Typecasting Customers


July 1998

Managine:Your Market

Typecasting Customers

Recognize who they are and what they need, then sell accordingly

You can't judge a book by its cover, but you can categorize customers within a few minutes of conversation, says Kate Peterson of Performance Concepts LLC, a Seattle, WA, company that provides education and training for jewelers.

Teach your sales associates to take a few minutes – before they start to sell – to chat with a customer to find out where he or she fits among the following three basic categories.

Comparison Shoppers
You know the type: they come into the store with business cards from 10 other stores with diamond grades scrawled across the back. They're tirelessly searching for the greatest value, and they think they know exactly what they want.

Strategy: "Get him to realize there's something he doesn't know without making him aware you're doing it," says Peterson. Tell the customer how refreshing it is to deal with somebody who's done his homework. Instead of letting him concentrate on the grade specifications, ask what message he's trying to convey with his purchase. Most importantly, don't be condescending: this customer wants to believe he has the upper hand.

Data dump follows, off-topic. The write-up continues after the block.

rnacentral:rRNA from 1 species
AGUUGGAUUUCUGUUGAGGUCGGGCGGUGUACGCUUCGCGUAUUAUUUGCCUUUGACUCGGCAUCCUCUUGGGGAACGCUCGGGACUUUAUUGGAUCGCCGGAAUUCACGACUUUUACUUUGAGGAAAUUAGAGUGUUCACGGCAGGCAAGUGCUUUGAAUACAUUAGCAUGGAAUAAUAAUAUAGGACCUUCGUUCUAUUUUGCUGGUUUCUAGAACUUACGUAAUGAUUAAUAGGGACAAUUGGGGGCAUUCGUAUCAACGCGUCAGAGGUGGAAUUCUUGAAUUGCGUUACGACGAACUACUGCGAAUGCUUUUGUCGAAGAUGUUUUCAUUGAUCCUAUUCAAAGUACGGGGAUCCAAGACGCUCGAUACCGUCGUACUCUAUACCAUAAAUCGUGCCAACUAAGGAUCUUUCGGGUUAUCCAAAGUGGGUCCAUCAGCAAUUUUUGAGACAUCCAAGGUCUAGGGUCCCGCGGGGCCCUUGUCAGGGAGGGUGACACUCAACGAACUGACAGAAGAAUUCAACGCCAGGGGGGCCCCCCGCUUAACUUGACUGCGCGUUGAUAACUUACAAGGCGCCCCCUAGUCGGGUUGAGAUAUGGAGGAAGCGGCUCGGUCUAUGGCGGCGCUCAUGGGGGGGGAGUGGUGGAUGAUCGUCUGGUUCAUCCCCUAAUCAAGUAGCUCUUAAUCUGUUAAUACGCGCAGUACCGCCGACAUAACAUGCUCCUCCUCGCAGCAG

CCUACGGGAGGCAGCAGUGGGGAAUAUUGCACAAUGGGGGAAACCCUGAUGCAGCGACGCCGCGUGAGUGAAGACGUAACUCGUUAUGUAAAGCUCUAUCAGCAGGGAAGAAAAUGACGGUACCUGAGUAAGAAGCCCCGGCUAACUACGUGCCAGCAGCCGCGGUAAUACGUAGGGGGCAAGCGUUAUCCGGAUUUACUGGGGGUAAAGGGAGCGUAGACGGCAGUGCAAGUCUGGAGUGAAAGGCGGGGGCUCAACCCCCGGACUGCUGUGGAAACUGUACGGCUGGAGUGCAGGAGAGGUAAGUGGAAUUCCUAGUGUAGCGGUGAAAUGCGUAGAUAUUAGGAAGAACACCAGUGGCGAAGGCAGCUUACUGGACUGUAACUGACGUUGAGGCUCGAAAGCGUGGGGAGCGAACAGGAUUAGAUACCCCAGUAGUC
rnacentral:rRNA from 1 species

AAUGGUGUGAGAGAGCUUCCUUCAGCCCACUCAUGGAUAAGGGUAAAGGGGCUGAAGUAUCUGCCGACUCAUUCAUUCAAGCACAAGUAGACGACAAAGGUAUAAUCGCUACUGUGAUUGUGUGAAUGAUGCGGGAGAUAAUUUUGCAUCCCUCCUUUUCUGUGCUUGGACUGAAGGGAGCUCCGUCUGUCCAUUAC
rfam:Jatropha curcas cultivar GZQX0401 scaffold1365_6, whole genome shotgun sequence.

Romanticist With a Purpose
It's anniversary time, or birthday, or Christmas – and this customer hasn't done his shopping. Most of the time this customer will simply say "I'm looking for something nice for a special occasion." He's usually not price driven and is truly interested in the salesperson's suggestions.

Strategy: Here's an opportunity to show some of your best products and discuss beauty and quality before price. "Price shouldn't come up before the customer brings it up," says Peterson. In these cases, ask a lot of questions to discover the customer's true needs, and talk up the product to build expectations and create a sense of value when price is finally mentioned.

Lookers Who Need To Be Led
How many times a day do you hear "I'm just looking" from people wandering into your store? "Nobody's just looking; they just haven't made a conscious decision to buy and they don't know what they want," says Peterson.

Strategy: When they here those three words, most salespeople either back away and let the customer look around or lead the customer to something that's an "easy sale," says Peterson. The challenge is to approach lookers without scaring them away or making them feel like you're hovering. Engage them in conversation or show them your most spectacular piece of jewelry to get the ball rolling, she says. In the meantime, never let a person who is waiting for a watch battery replacement or a small repair stand idly at the back of the store; use the opportunity to show new arrivals.

– by Stacey King

Copyright © 1998 by Bond Communications.


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